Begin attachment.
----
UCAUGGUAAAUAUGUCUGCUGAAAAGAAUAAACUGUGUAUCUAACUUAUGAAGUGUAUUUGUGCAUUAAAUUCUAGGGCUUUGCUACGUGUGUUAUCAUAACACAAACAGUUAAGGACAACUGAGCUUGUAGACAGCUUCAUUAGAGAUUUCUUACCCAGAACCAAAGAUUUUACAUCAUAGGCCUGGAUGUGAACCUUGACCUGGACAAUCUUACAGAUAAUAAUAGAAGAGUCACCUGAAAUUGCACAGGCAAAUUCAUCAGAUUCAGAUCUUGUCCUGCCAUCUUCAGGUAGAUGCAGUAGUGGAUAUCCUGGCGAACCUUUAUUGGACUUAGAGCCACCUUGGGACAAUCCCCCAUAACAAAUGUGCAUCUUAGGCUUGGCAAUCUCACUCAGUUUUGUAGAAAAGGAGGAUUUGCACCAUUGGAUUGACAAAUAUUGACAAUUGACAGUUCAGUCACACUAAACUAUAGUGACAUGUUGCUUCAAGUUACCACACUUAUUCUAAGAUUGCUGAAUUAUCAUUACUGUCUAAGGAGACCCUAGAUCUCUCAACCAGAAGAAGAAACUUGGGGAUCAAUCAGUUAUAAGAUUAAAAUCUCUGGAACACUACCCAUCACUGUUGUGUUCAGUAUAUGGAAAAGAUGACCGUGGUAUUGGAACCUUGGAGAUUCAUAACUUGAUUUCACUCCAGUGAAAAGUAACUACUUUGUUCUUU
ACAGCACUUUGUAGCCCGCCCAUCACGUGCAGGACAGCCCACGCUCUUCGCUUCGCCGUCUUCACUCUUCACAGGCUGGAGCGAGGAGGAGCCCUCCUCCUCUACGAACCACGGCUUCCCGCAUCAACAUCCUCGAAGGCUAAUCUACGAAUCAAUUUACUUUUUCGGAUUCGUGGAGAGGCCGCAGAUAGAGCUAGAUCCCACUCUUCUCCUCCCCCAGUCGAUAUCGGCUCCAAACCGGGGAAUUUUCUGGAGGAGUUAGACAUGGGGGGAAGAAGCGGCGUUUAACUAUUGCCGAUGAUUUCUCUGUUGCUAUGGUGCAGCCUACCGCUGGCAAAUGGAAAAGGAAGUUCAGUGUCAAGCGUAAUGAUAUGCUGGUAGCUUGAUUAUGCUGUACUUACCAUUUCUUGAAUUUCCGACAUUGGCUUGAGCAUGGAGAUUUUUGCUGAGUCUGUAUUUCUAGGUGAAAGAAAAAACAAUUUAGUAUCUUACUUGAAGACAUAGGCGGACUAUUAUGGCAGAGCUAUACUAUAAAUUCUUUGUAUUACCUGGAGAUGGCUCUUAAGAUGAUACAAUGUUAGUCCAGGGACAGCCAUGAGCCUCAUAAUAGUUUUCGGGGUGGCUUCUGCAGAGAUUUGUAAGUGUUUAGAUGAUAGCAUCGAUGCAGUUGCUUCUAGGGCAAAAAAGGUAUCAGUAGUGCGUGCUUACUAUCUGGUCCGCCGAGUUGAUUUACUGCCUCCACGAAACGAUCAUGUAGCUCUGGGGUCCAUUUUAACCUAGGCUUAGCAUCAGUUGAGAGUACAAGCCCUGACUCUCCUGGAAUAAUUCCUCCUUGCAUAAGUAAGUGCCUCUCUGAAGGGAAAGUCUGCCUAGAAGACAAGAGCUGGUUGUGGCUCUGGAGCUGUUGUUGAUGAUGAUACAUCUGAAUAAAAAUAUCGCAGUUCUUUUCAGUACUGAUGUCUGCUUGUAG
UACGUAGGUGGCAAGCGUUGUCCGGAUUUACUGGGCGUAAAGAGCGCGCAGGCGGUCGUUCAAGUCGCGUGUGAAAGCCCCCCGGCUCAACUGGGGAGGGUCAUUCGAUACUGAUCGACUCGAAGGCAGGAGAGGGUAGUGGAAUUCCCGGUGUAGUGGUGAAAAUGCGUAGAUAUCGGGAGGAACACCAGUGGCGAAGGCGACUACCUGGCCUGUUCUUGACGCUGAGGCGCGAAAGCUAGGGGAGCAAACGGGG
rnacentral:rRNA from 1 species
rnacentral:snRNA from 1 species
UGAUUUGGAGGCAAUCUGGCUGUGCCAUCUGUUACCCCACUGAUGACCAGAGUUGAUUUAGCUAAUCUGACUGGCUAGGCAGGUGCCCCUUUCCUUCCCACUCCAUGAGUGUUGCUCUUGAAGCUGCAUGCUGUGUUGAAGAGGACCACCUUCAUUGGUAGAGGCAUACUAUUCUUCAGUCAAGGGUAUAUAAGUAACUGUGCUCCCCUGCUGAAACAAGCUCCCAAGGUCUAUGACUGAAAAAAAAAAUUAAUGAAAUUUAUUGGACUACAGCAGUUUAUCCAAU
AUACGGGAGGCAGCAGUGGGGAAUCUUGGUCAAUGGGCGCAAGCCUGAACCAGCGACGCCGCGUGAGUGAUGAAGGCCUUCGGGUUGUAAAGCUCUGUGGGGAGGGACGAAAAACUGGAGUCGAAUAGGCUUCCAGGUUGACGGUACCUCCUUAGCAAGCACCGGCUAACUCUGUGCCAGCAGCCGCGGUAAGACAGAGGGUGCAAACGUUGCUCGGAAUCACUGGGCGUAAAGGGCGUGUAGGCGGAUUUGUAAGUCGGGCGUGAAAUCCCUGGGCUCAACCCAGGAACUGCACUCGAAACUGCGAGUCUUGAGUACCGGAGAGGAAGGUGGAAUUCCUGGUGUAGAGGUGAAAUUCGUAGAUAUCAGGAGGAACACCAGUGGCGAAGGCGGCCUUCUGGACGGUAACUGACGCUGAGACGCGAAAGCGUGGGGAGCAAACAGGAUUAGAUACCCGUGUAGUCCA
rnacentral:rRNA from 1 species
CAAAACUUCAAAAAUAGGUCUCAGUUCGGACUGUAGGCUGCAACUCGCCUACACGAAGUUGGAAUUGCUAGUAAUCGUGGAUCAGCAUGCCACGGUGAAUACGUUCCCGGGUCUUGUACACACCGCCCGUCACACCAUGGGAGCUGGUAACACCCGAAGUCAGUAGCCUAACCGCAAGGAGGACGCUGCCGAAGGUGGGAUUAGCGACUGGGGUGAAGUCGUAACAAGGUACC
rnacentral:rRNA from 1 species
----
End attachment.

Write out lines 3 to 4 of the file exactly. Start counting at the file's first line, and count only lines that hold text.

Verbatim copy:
UACGUAGGUGGCAAGCGUUGUCCGGAUUUACUGGGCGUAAAGAGCGCGCAGGCGGUCGUUCAAGUCGCGUGUGAAAGCCCCCCGGCUCAACUGGGGAGGGUCAUUCGAUACUGAUCGACUCGAAGGCAGGAGAGGGUAGUGGAAUUCCCGGUGUAGUGGUGAAAAUGCGUAGAUAUCGGGAGGAACACCAGUGGCGAAGGCGACUACCUGGCCUGUUCUUGACGCUGAGGCGCGAAAGCUAGGGGAGCAAACGGGG
rnacentral:rRNA from 1 species